The Great Swamp Massacre -- 12/19/10
So... a month ago I wrote two entries about history -- "History" on November 19th (in which I mentioned King Philip's War and the Great Swamp Massacre) and "Before the beginning" on November 20th (in which I talked about the Europeans who were here before the Pilgrims) -- and I had promised to tell you more about the Great Swamp Massacre. And here we are, exactly 335 years later...
I had planned to take a photograph of the memorial that was erected there (back in the 1930s) so I could put it here, but then I stopped to think about what time of year it is. The answer is: it is hunting season and I think hunting may be allowed in that area and state law mandates that anyone going in such an area (hunter or not) must wear a certain number of square inches of bright orange fabric. Not being a hunter, I don't have any such garment, but even if I did, wearing bright orange doesn't make you bullet-proof. So let me just point you to a Google satellite view.
There were a number of forces that led to King Philip's War, some of which I mentioned last month. The native tribes had already been in a weakened state when the first colonists had arrived. The European fisherman who had been fishing in the waters off the new world for generations had had encounters with the Indians, exposing them to European diseases, such as small pox, to which they had no immunity. These diseases spread from tribe to tribe, devastating them. This upset the balance of power between the various tribes and may have led to an increase in tribal warfare. Before the English had arrived, they had lost significant numbers to disease and to warfare with the Pequod and the Mimac tribes. The Pilgrims had settled near where an entire village had been lost to disease. Massasoit, leader of the Wampanoag hoped that the English could be allies with them against the other tribes. Indeed, in 1632, when the Narragansett tribe attacked Massasoit's village, English settlers fought alongside the Wampanoag and drove off their attackers. Massasoit had two sons, Wamsutta and Metacom. He renamed them Alexander and Philip. Alexander became leader after Massasoit's death. When Alexander died (some believed he was poisoned by the English) Philip became the Wampanoag leader.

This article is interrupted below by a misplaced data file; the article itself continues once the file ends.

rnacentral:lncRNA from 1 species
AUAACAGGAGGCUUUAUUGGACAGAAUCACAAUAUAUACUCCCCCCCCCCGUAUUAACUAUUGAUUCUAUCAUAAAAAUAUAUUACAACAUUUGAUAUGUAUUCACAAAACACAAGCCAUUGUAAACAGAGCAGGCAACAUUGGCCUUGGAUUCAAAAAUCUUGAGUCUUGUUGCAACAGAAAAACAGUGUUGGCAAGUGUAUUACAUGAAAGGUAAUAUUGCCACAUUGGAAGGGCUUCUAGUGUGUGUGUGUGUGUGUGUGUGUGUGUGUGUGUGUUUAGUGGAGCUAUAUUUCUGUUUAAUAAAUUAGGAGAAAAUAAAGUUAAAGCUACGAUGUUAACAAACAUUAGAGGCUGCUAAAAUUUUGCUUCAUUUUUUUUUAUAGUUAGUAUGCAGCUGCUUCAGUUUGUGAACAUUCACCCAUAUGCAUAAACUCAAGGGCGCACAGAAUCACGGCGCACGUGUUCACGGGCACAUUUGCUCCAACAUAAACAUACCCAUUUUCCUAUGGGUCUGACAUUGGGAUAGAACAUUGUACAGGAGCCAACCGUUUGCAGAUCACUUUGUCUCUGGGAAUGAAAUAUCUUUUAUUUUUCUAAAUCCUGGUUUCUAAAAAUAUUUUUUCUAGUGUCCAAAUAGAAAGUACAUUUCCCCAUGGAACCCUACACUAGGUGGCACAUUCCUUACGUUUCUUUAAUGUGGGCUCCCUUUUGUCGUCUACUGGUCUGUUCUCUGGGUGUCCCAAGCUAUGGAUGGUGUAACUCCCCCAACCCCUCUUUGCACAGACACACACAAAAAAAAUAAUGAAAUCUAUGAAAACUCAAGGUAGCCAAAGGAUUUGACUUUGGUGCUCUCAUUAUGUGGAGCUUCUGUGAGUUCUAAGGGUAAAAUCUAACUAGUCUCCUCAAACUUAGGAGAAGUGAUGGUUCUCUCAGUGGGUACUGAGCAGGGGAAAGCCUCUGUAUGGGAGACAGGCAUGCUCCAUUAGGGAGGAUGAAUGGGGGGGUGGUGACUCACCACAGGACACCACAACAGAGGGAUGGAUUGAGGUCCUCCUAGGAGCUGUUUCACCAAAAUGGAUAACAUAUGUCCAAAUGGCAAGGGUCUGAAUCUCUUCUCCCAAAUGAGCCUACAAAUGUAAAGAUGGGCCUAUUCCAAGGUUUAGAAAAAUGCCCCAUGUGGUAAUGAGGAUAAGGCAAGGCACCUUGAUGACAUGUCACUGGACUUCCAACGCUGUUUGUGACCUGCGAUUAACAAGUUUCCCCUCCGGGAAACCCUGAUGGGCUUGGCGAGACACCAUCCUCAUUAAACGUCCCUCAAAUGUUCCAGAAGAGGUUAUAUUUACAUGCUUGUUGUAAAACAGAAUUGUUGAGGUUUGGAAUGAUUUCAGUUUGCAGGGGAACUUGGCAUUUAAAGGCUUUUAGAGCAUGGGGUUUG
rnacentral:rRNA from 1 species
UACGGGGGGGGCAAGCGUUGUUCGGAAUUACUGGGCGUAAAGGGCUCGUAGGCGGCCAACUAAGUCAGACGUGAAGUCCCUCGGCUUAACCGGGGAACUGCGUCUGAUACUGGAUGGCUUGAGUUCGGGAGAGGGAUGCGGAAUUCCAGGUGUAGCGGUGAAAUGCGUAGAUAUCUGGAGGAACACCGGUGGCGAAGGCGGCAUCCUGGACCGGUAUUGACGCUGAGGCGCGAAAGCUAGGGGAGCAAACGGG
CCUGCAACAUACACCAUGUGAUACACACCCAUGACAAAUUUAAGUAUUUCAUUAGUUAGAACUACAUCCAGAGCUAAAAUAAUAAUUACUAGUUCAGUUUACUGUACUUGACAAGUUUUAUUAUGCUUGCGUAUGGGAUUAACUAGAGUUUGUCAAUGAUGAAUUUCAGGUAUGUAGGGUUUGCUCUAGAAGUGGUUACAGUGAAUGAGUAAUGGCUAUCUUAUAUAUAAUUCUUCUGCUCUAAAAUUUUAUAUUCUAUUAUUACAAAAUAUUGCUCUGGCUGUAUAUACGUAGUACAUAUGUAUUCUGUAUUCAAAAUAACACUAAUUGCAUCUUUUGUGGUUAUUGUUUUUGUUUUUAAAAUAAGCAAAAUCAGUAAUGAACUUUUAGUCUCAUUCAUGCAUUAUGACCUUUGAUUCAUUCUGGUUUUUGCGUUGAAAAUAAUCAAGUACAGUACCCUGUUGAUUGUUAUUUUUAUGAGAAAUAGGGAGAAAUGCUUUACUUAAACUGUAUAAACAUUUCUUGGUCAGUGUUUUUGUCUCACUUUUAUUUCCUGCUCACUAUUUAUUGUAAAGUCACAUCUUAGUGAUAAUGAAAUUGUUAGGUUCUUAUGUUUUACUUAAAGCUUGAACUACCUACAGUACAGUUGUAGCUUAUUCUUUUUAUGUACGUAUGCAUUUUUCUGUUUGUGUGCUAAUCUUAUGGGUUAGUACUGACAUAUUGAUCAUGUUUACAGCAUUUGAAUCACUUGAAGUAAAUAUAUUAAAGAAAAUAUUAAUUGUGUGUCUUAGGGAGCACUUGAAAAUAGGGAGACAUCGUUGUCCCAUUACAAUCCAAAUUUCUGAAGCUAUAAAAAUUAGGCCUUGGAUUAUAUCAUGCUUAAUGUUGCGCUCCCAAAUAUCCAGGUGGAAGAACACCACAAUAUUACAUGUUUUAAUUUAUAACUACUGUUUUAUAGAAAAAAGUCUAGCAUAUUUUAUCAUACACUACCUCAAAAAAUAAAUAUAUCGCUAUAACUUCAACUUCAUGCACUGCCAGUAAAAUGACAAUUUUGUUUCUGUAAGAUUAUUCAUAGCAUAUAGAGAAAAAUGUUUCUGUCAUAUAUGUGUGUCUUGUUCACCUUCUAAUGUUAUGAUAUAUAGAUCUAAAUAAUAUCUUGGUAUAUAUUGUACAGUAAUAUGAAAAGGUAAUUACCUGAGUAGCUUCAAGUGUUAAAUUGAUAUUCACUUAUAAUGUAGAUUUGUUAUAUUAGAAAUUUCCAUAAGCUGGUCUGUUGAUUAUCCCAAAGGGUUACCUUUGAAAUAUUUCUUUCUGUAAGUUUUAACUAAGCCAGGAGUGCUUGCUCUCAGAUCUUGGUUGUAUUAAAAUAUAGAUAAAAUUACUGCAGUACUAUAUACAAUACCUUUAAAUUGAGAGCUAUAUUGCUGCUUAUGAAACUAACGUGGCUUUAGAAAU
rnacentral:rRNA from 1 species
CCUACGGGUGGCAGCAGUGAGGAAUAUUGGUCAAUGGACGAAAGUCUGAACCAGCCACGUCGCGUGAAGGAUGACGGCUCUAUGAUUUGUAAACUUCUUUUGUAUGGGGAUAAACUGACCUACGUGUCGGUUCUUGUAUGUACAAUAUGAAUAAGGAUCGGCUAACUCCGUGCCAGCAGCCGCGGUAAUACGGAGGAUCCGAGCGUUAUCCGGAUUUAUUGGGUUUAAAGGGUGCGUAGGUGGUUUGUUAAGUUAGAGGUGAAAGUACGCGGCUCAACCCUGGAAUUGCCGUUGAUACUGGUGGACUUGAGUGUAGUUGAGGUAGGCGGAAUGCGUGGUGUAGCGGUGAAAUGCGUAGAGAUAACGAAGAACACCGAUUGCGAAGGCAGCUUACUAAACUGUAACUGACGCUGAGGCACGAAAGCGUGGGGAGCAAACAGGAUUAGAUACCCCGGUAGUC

However, by the time King Philip had become leader of the Wampanoag tribal federation, the Wampanoag people were in serious trouble, faced with a question of survival. They had sold away much of their land to the settlers and were beginning to suffer food shortages. They were having problems with the English, ranging from disputes over property to disputes over crops and livestock. (English cattle would eat their way through an Indian corn field, the Indians would kill some cattle, the English would demand compensation, etc.) Philip was faced with angry warriors demanding war against the English, but by this time the Wampanoag were far out-numbered by the English. He began to gather other tribes